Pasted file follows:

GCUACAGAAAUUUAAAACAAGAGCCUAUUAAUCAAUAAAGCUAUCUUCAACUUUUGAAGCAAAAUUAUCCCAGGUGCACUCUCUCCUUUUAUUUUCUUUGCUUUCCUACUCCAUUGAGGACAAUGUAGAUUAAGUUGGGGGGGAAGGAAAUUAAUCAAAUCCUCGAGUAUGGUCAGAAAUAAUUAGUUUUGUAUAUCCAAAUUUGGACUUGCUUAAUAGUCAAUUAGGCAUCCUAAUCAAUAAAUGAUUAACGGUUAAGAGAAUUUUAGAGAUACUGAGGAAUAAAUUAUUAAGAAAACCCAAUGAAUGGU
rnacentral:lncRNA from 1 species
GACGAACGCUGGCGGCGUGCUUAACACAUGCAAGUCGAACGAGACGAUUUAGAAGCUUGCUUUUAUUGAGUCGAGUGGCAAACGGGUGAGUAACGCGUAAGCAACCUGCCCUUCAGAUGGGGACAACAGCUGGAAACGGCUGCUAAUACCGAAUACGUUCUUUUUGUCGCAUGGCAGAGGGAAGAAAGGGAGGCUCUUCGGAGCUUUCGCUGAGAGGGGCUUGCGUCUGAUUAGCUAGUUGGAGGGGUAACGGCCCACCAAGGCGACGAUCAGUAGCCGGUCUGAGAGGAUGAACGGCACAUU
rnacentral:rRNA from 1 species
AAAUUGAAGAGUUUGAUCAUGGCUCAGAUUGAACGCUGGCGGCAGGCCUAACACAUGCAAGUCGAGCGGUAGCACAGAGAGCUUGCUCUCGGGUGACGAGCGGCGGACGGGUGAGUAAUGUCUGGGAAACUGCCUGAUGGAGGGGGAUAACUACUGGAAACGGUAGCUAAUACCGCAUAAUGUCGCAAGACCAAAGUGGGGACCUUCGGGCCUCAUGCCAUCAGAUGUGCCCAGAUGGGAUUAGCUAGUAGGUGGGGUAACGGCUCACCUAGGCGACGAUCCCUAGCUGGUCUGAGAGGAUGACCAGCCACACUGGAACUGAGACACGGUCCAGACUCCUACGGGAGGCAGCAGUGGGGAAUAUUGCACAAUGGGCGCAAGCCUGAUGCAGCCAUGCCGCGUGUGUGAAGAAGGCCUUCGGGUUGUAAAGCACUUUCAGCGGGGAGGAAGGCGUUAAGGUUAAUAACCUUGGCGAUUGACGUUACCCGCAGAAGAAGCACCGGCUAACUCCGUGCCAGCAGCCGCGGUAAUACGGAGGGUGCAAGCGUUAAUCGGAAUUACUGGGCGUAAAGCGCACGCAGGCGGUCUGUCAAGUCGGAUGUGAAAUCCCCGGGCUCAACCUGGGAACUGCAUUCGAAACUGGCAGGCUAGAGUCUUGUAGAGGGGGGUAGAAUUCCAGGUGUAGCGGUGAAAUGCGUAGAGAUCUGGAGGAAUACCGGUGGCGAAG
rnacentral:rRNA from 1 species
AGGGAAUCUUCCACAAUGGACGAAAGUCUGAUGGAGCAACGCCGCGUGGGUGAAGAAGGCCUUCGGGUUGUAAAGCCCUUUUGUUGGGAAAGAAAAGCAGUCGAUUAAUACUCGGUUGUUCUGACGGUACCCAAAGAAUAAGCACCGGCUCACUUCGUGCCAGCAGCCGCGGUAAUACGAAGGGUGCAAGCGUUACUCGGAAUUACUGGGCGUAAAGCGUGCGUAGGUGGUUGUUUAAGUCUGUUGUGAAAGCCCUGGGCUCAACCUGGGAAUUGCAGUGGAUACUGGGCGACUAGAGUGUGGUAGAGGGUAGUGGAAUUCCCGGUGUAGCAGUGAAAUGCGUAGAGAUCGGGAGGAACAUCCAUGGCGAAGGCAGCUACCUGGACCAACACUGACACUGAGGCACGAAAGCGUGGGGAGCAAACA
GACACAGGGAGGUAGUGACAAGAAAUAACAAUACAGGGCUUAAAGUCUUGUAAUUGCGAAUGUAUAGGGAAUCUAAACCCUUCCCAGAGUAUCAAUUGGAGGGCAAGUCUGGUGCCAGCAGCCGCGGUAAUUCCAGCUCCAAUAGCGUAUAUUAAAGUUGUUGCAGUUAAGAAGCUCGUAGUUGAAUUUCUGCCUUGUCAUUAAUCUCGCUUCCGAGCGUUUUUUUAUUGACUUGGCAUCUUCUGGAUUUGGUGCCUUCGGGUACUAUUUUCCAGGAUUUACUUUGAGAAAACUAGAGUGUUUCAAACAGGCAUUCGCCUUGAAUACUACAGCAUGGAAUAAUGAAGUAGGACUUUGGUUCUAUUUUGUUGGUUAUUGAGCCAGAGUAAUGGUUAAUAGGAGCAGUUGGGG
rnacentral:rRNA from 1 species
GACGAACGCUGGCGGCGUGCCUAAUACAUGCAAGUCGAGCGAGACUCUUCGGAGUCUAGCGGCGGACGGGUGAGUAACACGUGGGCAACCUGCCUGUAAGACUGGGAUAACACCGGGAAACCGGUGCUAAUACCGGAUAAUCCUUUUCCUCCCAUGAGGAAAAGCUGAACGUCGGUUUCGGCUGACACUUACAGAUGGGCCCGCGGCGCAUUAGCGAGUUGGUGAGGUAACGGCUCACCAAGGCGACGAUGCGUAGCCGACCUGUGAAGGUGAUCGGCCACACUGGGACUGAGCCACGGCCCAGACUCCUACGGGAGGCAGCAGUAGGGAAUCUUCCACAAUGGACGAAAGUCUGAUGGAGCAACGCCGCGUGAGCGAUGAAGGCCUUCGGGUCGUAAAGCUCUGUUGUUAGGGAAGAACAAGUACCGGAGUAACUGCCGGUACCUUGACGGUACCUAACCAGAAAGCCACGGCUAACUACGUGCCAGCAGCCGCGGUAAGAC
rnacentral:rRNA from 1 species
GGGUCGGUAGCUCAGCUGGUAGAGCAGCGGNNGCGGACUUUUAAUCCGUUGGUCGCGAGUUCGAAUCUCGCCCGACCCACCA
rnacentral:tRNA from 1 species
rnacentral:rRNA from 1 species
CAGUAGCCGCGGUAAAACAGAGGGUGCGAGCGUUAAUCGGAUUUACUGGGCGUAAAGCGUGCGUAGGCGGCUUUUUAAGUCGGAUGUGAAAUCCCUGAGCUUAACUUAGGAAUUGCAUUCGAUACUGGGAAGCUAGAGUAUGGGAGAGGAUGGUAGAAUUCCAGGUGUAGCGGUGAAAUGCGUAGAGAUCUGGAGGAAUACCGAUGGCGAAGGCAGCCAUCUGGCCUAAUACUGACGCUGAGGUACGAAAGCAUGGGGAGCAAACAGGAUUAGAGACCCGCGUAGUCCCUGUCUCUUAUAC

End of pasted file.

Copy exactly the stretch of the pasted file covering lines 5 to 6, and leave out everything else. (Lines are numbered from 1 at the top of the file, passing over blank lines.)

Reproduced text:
AAAUUGAAGAGUUUGAUCAUGGCUCAGAUUGAACGCUGGCGGCAGGCCUAACACAUGCAAGUCGAGCGGUAGCACAGAGAGCUUGCUCUCGGGUGACGAGCGGCGGACGGGUGAGUAAUGUCUGGGAAACUGCCUGAUGGAGGGGGAUAACUACUGGAAACGGUAGCUAAUACCGCAUAAUGUCGCAAGACCAAAGUGGGGACCUUCGGGCCUCAUGCCAUCAGAUGUGCCCAGAUGGGAUUAGCUAGUAGGUGGGGUAACGGCUCACCUAGGCGACGAUCCCUAGCUGGUCUGAGAGGAUGACCAGCCACACUGGAACUGAGACACGGUCCAGACUCCUACGGGAGGCAGCAGUGGGGAAUAUUGCACAAUGGGCGCAAGCCUGAUGCAGCCAUGCCGCGUGUGUGAAGAAGGCCUUCGGGUUGUAAAGCACUUUCAGCGGGGAGGAAGGCGUUAAGGUUAAUAACCUUGGCGAUUGACGUUACCCGCAGAAGAAGCACCGGCUAACUCCGUGCCAGCAGCCGCGGUAAUACGGAGGGUGCAAGCGUUAAUCGGAAUUACUGGGCGUAAAGCGCACGCAGGCGGUCUGUCAAGUCGGAUGUGAAAUCCCCGGGCUCAACCUGGGAACUGCAUUCGAAACUGGCAGGCUAGAGUCUUGUAGAGGGGGGUAGAAUUCCAGGUGUAGCGGUGAAAUGCGUAGAGAUCUGGAGGAAUACCGGUGGCGAAG
rnacentral:rRNA from 1 species